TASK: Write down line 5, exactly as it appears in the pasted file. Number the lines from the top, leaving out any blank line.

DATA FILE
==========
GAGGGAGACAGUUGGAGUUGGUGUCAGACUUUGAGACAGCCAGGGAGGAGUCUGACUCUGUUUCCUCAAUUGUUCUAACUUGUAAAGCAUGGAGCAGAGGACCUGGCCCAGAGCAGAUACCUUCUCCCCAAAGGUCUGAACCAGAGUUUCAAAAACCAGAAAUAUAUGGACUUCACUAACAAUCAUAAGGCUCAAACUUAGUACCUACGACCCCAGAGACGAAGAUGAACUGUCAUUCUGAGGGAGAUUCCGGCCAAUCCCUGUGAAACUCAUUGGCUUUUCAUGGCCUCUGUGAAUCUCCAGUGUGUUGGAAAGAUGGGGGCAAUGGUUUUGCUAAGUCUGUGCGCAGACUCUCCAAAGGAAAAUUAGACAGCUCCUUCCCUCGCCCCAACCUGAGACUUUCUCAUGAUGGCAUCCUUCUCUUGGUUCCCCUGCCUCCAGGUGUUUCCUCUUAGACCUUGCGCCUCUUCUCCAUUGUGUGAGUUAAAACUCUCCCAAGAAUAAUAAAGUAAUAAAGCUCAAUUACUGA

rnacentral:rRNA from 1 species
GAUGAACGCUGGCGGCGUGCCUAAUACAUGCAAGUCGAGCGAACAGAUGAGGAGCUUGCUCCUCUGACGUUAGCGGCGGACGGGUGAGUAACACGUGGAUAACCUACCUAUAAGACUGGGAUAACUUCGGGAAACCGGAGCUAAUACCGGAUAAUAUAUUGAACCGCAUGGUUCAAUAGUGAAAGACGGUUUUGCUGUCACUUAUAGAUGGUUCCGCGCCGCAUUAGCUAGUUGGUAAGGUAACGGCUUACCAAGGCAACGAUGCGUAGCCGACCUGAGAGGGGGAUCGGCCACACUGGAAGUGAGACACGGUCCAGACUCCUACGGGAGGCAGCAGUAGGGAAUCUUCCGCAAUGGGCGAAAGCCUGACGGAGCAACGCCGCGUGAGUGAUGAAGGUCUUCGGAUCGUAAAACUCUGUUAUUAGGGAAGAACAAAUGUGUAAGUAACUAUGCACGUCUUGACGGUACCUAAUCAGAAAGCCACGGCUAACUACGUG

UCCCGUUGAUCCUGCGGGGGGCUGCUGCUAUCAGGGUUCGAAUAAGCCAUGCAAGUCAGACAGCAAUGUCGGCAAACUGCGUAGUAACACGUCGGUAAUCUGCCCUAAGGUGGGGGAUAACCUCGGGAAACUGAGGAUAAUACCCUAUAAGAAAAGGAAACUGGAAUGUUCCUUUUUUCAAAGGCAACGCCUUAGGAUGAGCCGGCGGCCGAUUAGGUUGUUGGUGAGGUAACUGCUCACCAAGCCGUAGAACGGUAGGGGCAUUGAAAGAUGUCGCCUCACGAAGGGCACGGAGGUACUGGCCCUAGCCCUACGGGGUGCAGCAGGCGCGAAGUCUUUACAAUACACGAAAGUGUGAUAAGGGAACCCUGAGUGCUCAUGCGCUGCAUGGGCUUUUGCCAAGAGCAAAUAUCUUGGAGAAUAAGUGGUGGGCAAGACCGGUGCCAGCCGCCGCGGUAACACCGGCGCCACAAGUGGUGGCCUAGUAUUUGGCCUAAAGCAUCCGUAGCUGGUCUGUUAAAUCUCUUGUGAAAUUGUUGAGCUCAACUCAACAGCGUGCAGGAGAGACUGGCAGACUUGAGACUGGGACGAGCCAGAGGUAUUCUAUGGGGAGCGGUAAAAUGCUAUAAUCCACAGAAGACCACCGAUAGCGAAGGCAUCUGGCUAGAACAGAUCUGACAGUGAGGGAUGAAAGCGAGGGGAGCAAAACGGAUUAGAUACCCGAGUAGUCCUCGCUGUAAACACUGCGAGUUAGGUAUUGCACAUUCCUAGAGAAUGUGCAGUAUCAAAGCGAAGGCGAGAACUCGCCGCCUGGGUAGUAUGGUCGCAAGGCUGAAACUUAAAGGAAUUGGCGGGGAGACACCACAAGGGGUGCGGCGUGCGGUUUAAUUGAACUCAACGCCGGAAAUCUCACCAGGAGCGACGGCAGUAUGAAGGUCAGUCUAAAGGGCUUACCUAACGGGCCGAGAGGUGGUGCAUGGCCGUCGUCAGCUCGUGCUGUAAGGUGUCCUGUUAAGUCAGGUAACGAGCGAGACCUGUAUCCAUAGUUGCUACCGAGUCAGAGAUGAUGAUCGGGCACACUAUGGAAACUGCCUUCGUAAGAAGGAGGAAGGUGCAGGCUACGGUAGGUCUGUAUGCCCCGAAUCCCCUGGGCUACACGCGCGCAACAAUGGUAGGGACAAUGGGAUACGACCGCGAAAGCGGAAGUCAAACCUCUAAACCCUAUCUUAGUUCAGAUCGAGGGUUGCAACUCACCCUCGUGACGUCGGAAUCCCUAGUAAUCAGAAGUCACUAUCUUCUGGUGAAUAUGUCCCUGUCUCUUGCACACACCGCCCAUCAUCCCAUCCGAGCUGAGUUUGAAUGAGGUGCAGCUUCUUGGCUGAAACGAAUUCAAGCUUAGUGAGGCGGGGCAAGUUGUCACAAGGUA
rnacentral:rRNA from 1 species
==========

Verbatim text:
rnacentral:rRNA from 1 species